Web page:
I always try to admit when I’m wrong about something. While I still don’t believe I was wrong when I said the UFC could have put together a card of higher quality, I will admit that the card ended up turning out great. There were several fighters deserving of a bonus who didn’t get one because there just weren’t enough bonuses to go around. Lauren Murphy scored an impressive KO. She came up empty. So did Scott Holtzman and Dong Hyun Ma despite two rounds of pure excitement. Not even the hometown hero Jim Miller was able to nab an extra $50K. That doesn’t mean there wasn’t a kick to the balls – literally – but it’s easy to look past a single contest that dragged down the action.
Despite the action, the card will ultimately be remembered for Colby Covington cementing what should be a title shot against Kamaru Usman. It wasn’t one of the most exciting contests of the evening, but it was certainly one of the most impressive performances in recent memory as Covington shut down former champion Robbie Lawler. Given Covington’s popularity – or lack thereof – many weren’t too happy about the outcome. Does that mean fans were losers of this event? Read on to find out….
Colby Covington: As much as people love to hate on Covington, those people have to admit that Covington is good. Very good. Neutralizing Robbie Lawler isn’t something many people have been able to do. Rafael dos Anjos did, but that was also with the help of Lawler blowing out his knee early in the fight. Covington shut down Lawler more effectively than dos Anjos and did so against a Lawler who appeared to be healthy for their contest. I’m not going to say Covington’s pressure and pace is exciting to watch, but you’d have be impartial to not appreciate what it is that he does as I can’t think of anyone else who can do what Covington does effectively for five rounds. Love him or hate him, it’s hard to deny that he doesn’t deserve a crack at the belt. Who else would it be? Jorge Masvidal? He’s on a two-fight win streak compared to Covington’s seven-fight win streak. Leon Edwards? Yes, he has a longer win streak – eight fights – but he also has a loss to Usman on his ledger. Covington is the way to go. Uncle Dana better live up to his word this time.
Jim Miller: Can we take some time to imagine what Miller’s career would have been like without Lyme’s disease? He’s had a nice career as it is, but if he could have eliminated that swoon in 2014 through 2016… damn. Anyway, Miller produced a classic performance, getting rocked less than a minute in by Clay Guida before catching his charging opponent with a punch and then in a guillotine choke that put the longtime veteran to sleep. There was speculation Miller might retire as he’s had further complications with his disease, but he gave a good prognosis and indicated he wants to continue his career. So long as he is feeling good and capable of fighting the way he has the last few years, I’m all for it as Miller is still a lot of fun to watch.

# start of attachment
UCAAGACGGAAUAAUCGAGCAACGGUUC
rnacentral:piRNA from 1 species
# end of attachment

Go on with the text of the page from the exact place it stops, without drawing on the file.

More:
Nasrat Haqparast: Are y’all believers yet? Haqparast secured the first finish of his UFC career and did so in highlight reel fashion, landing a brutal left on a game Joaquim Silva and walking away $50K richer than originally contracted for. The native of Germany continues to look better with each subsequent contest, showing steady progress. I get there are still holes in the game of mini-Kelvin, but he’s only 23. He has plenty of time iron out his wrinkles and Firas Zahabi tends to do well working with talented youngsters mostly from the ground up. Look what he did with GSP and Rory MacDonald.
Gerald Meerschaert: There were times where I was trying to figure out what Meerschaert was doing as he allowed Trevin Giles to be the more active fighter on the ground for big chunks of their contest. Given Meerschaert is a submission specialist, I was wondering what the hell was going on. Never fear as Meerschaert was merely biding his time until he found something he liked, eventually cinching in a guillotine choke that put Giles to sleep. The stylistically awkward Meerschaert isn’t someone you want to play with on the ground and this contest shows exactly why.
Scott Holtzman: While the lack of defense is a concern for Holtzman, the former hockey player turned in one hell of an exciting scrap with Dong Hyun Ma. Holtzman’s powerful striking induced crazy swelling in the left eye of Ma, inducing the doctors to step in and declare Holtzman the winner when Ma could no longer see out of the eye. While I don’t see Holtzman being anything more than a guy on the fringe of the rankings, the 35-year old deserves mad props for progressing even to this stage given his late start in the sport. In the process, Holtzman has established himself as one of the better lightweight action fighters at this stage.
Mickey Gall: Love him or hate him, Gall has made some nice strides since coming to the UFC. Nobody will mistake him for a dangerous striker quite yet, but Gall is at least serviceable from that area now, hanging in there with Salim Touahri on the feet. Of course, it was Gall’s, clinch work and ground control that ultimately made the difference… but clinch work is still considered standup… right? Gall didn’t help himself by making excuses for his loss to Diego Sanchez or asking to run that fight back, but would we expect anything less from him?